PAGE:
The line between natural and human landscapes is becoming more blurred in Europe. As a result, we can expect people and wildlife to come into contact more frequently. This will inevitably lead to human-wildlife conflicts, with negative economic, social and, of course, ecological effects. A recent study, published in Biological Conservation, highlights an ongoing conflict between vultures and livestock farmers in the autonomous community of Catalonia in Spain.
As scavengers (animals feeding on dead organisms they have not killed), vultures play an important role in stabilising southern European ecosystems. By feeding on large, dead animals, they help “clean up” meat and bones, saving the EU up to 1.6€ million every year in transporting and incinerating livestock carcasses. Without vultures, it would be much harder to control the spread of disease and pests such as rats. Despite this, they have been widely branded as livestock killers in recent years. Although there is very little evidence of predation by vultures, the idea has persisted in the media. As a result, they are heavily persecuted, often falling victim to illegal poisoning.
Vultures vs farmers in Catalonia
In the study (see below), researchers examined the situation in Catalonia through farmers’ opinions on the conflict over the past 25 years. With thousands of livestock farms, Catalonia also holds important populations of 4 vulture species. These populations, including the common griffon vulture (Gyps fulvus), have been increasing, adding to the conflict. After reviewing hundreds of complaints and interviewing 127 farmers, the findings revealed a complex situation.
The study found that annual complaints of vulture attacks on livestock rose significantly from 2007 to 2011, after which they gradually declined. The authors identified various policy decisions in Catalonia that offer an explanation to these trends. Firstly, the government banned abandoning livestock carcasses in the countryside for sanitary reasons. This led many to believe that fewer carcasses available for vultures to feed on caused them to attack livestock instead. Secondly, the government approved a regulation in 2007 listing griffon vultures as potential livestock predators, along with wolves and bears. This may have added to further alarm among farmers and a higher amount of complaints.
The fall of farmer complaints since 2011 could be attributed to relaxed regulations letting farmers leave carcasses in the field for scavengers. It may also result from better assessments of livestock deaths, which help rule out vultures as a leading cause. It is notable that none of the farmers who said that vultures had attacked their animals actually saw the start of an attack. They only assumed vultures had caused harm because they observed birds (or even just feathers) onsite.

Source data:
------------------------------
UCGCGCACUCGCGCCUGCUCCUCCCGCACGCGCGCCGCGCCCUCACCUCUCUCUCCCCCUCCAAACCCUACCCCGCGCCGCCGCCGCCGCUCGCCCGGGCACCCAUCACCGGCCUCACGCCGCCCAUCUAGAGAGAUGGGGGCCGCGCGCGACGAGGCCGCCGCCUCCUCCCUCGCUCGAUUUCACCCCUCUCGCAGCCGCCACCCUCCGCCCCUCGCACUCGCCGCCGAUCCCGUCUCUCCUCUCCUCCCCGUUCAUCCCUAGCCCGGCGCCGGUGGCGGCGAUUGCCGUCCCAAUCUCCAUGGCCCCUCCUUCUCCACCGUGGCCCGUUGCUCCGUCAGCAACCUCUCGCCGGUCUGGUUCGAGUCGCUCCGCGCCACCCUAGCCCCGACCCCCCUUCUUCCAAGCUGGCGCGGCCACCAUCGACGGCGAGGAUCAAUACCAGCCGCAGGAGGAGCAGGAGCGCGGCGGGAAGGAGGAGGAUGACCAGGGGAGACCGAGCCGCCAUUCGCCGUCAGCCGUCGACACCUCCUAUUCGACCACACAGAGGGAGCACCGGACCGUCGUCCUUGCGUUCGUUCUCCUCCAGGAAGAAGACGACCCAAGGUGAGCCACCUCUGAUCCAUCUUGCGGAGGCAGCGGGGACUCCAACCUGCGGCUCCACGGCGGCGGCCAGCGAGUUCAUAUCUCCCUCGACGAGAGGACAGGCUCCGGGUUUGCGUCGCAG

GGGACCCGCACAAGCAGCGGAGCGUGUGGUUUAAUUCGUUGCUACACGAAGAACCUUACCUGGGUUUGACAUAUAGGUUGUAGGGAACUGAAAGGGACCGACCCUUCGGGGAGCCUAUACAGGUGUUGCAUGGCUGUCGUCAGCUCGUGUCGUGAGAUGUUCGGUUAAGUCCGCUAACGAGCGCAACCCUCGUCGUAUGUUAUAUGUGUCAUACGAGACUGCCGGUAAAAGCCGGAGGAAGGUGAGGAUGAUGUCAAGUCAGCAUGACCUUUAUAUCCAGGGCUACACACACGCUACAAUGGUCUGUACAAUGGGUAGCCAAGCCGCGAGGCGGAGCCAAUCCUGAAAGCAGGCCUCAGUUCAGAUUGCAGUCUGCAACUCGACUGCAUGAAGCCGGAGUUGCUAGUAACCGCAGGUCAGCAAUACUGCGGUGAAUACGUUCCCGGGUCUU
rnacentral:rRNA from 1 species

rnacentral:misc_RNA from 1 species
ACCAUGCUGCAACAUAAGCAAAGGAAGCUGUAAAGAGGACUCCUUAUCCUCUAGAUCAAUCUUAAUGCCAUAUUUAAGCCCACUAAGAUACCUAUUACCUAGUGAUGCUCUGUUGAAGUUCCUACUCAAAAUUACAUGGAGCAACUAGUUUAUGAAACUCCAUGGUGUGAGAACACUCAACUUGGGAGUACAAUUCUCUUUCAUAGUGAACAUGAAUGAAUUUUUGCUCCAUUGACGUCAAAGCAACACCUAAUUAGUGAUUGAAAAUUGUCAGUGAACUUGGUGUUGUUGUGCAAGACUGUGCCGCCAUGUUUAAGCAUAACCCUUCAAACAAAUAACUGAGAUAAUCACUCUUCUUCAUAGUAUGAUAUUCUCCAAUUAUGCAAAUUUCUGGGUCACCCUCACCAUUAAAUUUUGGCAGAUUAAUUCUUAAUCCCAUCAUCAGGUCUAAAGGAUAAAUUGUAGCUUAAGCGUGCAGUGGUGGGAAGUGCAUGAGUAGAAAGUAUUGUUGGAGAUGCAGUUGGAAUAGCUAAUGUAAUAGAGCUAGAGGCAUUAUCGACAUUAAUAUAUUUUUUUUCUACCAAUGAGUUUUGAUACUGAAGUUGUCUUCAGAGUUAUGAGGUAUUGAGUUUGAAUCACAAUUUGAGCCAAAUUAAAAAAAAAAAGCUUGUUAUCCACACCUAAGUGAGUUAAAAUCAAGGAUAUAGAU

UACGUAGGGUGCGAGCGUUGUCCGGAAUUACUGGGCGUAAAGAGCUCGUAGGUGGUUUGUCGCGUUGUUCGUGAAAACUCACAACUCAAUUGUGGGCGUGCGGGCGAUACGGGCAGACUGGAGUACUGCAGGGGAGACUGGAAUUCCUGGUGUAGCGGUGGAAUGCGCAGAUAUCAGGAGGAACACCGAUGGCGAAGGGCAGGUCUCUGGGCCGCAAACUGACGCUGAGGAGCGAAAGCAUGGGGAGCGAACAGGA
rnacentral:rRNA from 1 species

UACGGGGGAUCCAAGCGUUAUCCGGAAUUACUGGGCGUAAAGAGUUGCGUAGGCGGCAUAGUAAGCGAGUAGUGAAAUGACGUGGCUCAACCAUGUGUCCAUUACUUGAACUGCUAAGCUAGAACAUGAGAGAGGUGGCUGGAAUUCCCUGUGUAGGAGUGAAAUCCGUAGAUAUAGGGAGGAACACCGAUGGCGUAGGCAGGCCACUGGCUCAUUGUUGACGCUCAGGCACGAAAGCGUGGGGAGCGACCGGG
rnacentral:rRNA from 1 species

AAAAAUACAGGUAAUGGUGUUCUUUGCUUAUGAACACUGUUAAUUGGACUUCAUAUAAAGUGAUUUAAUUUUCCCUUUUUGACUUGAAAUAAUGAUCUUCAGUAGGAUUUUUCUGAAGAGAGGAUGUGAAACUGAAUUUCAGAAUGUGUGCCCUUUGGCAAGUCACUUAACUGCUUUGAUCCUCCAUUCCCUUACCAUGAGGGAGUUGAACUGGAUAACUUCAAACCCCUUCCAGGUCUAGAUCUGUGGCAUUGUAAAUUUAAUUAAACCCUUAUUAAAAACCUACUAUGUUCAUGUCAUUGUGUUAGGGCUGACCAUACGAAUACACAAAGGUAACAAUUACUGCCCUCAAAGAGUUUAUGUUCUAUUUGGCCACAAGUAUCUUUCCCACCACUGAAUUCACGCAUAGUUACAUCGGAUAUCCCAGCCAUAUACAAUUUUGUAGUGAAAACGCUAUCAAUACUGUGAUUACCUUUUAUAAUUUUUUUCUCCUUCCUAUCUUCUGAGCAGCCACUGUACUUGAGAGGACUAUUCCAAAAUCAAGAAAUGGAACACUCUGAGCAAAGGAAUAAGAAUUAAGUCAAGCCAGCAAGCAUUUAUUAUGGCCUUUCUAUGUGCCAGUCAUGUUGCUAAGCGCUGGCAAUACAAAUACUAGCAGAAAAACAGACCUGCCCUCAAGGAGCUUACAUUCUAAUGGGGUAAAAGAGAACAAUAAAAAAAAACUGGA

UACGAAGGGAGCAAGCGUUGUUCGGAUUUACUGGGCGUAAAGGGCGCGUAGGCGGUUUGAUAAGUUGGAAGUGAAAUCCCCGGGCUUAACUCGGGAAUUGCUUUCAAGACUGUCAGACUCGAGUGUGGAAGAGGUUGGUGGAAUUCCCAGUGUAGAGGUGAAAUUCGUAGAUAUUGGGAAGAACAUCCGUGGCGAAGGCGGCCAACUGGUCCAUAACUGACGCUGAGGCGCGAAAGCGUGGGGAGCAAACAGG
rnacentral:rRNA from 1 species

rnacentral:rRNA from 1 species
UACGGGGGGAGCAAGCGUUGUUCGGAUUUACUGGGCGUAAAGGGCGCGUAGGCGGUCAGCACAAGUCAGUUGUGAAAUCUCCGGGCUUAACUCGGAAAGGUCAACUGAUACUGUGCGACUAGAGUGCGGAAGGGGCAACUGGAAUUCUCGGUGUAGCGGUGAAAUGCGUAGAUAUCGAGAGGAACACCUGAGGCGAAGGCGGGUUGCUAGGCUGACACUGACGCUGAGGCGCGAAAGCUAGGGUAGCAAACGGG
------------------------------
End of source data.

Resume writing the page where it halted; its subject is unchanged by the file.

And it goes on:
Higher reports of interactions with cattle
Most of the complaints were about attacks on cattle, with very few sheep mentioned in comparison. The fact that financial compensation is 8 times higher for cattle than for sheep may have influenced this. Livestock management could also explain this trend. While grazing flocks are usually watched over by shepherds or sheepdogs, cattle are often left unsupervised for longer periods. Therefore, if deaths do occur, farmers often don’t witness the actual cause, which may well be due to disease or otherwise unrelated to vultures.
Another important finding was that many of the complaints occurred during the birthing season. As many as 90% of vulture/cattle interactions were associated with calving. As both the cows and calves are more vulnerable during these times, their mortality rate likely to be higher. Vultures may harm weaker individuals during this time and contribute to their lower survival rate, or their poor conditions may directly cause their deaths. Either way, increased farmer attention during the calving season would help prevent deaths.
Managing the vulture conflict
Almost 90% of farmers thought that vultures attack livestock, and those that reported attacks themselves unsurprisingly had a more negative attitude towards vulture/livestock coexistence. The number one suggested measure to combat the losses was reducing the griffon vulture population, which would have negative consequences for the wider environment. Being able to leave carcasses in the countryside was the second most mentioned conflict mitigation measure suggested by interviewed farmers. However, only 9.4% of them actually did this themselves when regulations allowed them.
This study reveals the complex nature of the conflict, and that government policy and compensation measures may not be enough to tackle the issue effectively (farmers also voiced this opinion). The scientists several various management solutions to mitigate the conflict in Catalonia:
- Better risk assessment of livestock-vulture interactions
- Damage verification of livestock by vets to identify the true cause of death
- Increased livestock welfare and protection, especially during the birthing season
- Regular inspection of livestock by farmers to help recognise vulnerable or dead animals
- Proper management of landfills to avoid vultures gathering at non-breeding sites
- Wider permitted disposal of carcasses in lower altitude areas
- Educational campaigns to raise awareness among farmers of the ecosystem services vultures provide.
Would you like to hear more about the relationship between agriculture and environment? The Austrian ClimateCast podcast recently recorded an episode on the effects of farming. What’s remarkable about this podcast is that school pupils produce it, so you get to hear the thoughts and ideas of the next generation!
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